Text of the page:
Imagine one of your buddies showed up to work on a Monday telling the tale of how he got to shake Stevie Ray Vaughan's hand while he was playing the guitar... You'd instantly call shenanigans. It doesn't sound like a situation that would ever happen, even in your own wildest dreams, but there's video proof of such an event happening.

Nobody is denying that Stevie Ray was an incredible royalty to the art of music. I'm sure you've seen the video where he breaks a string mid-solo, swaps to a different scale up the neck and never misses a beat... Furthermore, his guitar tech delivers him a different guitar, and he manages to get it all swapped out before departing on another epic journey up the frets. It's a video that has floated the web for decades to remind people how good he actually was. This hand shake video just further proves it.

While I may not be the biggest SRV fan, I can appreciate and admit he would have been a lasting talent in this world. Even long after his "sound" fell out of favor with people, his shows would be sold out, his new albums would be bought, he'd still find himself atop any number of charts across the world. How many artists can you say that about?

Before you mention Hendrix or Janis Joplin, I'm gonna hit you with a hard truth real quick... There are many artists out there that, if they didn't die in their prime, they'd be on a list of "Where Are They Now?" They would have washed up long ago. Hendrix and Joplin fall on that list for me. I know it's unpopular, and I'm prepared for the impotent rage of hipster fake-fans that are about to email me explaining how I'm wrong, but deep down, you know it's true. Very, very few artists seem to have the talents to last. That doesn't mean they aren't still doing what they do, look at ZZ Top. They still tour, they still sell out every show, and their shows are a blast to be at... but they washed up a long time ago.Take Billie Gibbons for example... arguably the greatest guitar player of his generation as voted by the guitar greats, how long has it been since anyone wanted to hear his newest release with or without ZZ Top? Doesn't mean he doesn't have die-hard fans, just means he's fallen into a niche category. I'd still pay to see him, but he could live and make music for another fifty years and never rise to the level of a SRV... and that's coming from someone who doesn't really enjoy SRV.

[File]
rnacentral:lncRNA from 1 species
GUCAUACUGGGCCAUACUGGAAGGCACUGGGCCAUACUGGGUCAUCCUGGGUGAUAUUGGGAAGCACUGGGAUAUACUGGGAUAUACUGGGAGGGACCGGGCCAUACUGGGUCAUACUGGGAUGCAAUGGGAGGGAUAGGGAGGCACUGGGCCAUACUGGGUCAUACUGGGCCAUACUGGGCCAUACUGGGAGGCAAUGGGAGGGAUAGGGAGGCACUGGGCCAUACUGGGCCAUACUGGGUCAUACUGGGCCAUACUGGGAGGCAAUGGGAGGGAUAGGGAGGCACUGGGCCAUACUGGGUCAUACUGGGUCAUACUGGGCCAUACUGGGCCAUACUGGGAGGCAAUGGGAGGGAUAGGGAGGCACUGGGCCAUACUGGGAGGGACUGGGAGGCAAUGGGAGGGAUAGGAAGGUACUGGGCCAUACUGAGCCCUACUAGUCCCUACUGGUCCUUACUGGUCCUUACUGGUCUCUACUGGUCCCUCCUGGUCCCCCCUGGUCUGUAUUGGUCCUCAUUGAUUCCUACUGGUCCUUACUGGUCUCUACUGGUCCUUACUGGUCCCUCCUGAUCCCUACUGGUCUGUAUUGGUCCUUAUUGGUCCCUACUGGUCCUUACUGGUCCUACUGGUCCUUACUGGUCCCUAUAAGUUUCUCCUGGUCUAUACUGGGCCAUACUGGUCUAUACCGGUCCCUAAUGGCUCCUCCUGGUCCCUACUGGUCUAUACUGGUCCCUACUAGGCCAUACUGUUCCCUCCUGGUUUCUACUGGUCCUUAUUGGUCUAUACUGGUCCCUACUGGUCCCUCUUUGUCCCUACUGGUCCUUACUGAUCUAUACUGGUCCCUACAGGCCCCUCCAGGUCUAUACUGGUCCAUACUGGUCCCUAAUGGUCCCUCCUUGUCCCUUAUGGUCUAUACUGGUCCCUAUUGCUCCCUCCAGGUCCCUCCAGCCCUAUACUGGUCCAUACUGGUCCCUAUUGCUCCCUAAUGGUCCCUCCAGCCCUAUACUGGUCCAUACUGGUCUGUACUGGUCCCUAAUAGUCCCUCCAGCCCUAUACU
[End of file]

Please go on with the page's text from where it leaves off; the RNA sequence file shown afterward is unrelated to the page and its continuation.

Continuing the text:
It's not even limited to individuals, look at some of the most popular touring bands. KISS, Skynyrd, System of a Down, Nickelback, Aerosmith, AC/DC, and countless others. They all hit peak popularity, and switched over to maintenance mode. They no longer care to make new classic jams, but rather to tour and make money on their past achievements. I know Critter will probably come cuss me for it, but even bands as big as Metallica and Slayer fall into that category. Metallica will never recapture their thrash roots. Money cures angst, and without angst, there's no meaning. Slayer spent a career trying to live up to the song that gave them worldwide fame. I don't think a person like SRV would have stalled quite like that. All the same, if the helicopter crash didn't take him when it did, drugs and booze would have done it somewhere in the 90's, and we still be having this same discussion. Every time I see a biopic show or clip online of that man playing, I slowly become an ever increasing fan of what he accomplished in his short life. He was just before my time, and I'm playing catch-up.

On a side note, if you play guitar and wonder how Stevie managed such a fat sound out of a strat, it's all in the strings. He played on extremely heavy gauge, finger torturing strings.

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